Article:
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On November 6, 2023, the Commonwealth of Massachusetts Board of Bar Overseers of the Supreme Judicial Court (“BBO”) issued a Massachusetts lawyer (the “Lawyer”) a public reprimand for coaching a witness at a deposition in what the BBO described as an “unprecedented” case.
At the remote deposition, both the Lawyer and his client were seated in the same conference room wearing masks, over opposing counsel’s objection. After each question, the Lawyer would whisper the answer to his client, who would then repeat it. Confronted by opposing counsel at the time, the Lawyer denied feeding his client the answers. Opposing counsel subsequently reviewed the deposition tape and noted about fifty instances of the Lawyer feeding his client answers, most of which were “yes” or “no” or “I don’t recall.”
Thereafter, opposing counsel filed a motion for sanctions in the United States District Court of the District of Massachusetts. At a hearing, the Lawyer acknowledged his misconduct, stating he became frustrated with opposing counsel’s examination and was too emotionally invested in the case. The federal judge presiding, Judge Talwani, granted the motion for sanctions in part and denied it in part. Judge Talwani disqualified the Lawyer from further participation in the litigation and referred the matter to the “presiding judge” of the district court, Judge Sorokin, to determine whether the matter necessitated further discipline.
Judge Sorokin concluded the Lawyer violated Rule 3.4(c) of the Massachusetts Rules of Professional Conduct for knowingly disobeying an obligation under the rules of a tribunal and Rule 30(d) of the Federal Rules of Civil Procedure, which permits sanctions against a lawyer who “impedes, delays, or frustrates the fair examination of [a] deponent.” Judge Sorokin also held the Lawyer violated Mass. R. Prof. C. 8.4(h), forbidding “other conduct that adversely reflects on his or her fitness to practice law.” Judge Sorokin ordered the Lawyer pay opposing counsel’s legal fees accrued preparing the motion for sanctions ($22,000), the Lawyer’s firm give up their fee (~$65,000), and the Lawyer bring on substitute counsel at his firm’s own expense.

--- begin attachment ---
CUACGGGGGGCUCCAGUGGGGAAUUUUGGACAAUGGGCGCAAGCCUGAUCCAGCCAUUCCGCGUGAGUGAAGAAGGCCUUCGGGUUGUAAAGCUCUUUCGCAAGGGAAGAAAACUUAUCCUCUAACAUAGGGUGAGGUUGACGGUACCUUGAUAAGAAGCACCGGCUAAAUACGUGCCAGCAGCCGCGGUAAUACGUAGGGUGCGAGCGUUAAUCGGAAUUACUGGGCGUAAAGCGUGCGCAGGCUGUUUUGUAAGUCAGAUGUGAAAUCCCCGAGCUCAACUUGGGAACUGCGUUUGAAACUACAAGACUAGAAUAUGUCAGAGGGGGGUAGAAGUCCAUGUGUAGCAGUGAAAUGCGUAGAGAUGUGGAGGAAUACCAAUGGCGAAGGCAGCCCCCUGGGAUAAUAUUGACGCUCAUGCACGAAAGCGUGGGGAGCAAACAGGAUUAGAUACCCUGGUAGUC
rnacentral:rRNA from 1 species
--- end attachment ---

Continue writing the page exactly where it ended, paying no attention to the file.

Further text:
In analyzing the proceedings at the Federal Court and sanctions imposed on lawyers in other jurisdictions for witness coaching, because no cases in Massachusetts previously existed based solely on a lawyer coaching a witness at deposition, the BBO adopted the case law in other states and determined the sanction for the Lawyer should be a public reprimand or a suspension of some length. The BBO further proffered that while the Lawyer denied his misconduct during the deposition, he did take ownership of his wrongdoing when confronted by the court. The BBO also found the Lawyer’s actions were not premeditated but “arose in the moment as an emotional . . . aspiration to protect his client.” Accordingly, the BBO decided to issue only a public reprimand in response to the Lawyer’s actions. The BBO warned that future cases of deposition misconduct “may not be viewed as indulgently as this case.”
Of course, attorneys know coaching a witness at deposition is never acceptable. Prior to the Covid-19 pandemic, spotting witness coaching at a deposition was more obvious and easily addressed. However, in an age of remote lawyering, attorneys need to remain cognizant of the ever-evolving landscape and ways in which issues of professional misconduct may arise. This case serves as a stark reminder that, although the playing field may change, the rules remain the same.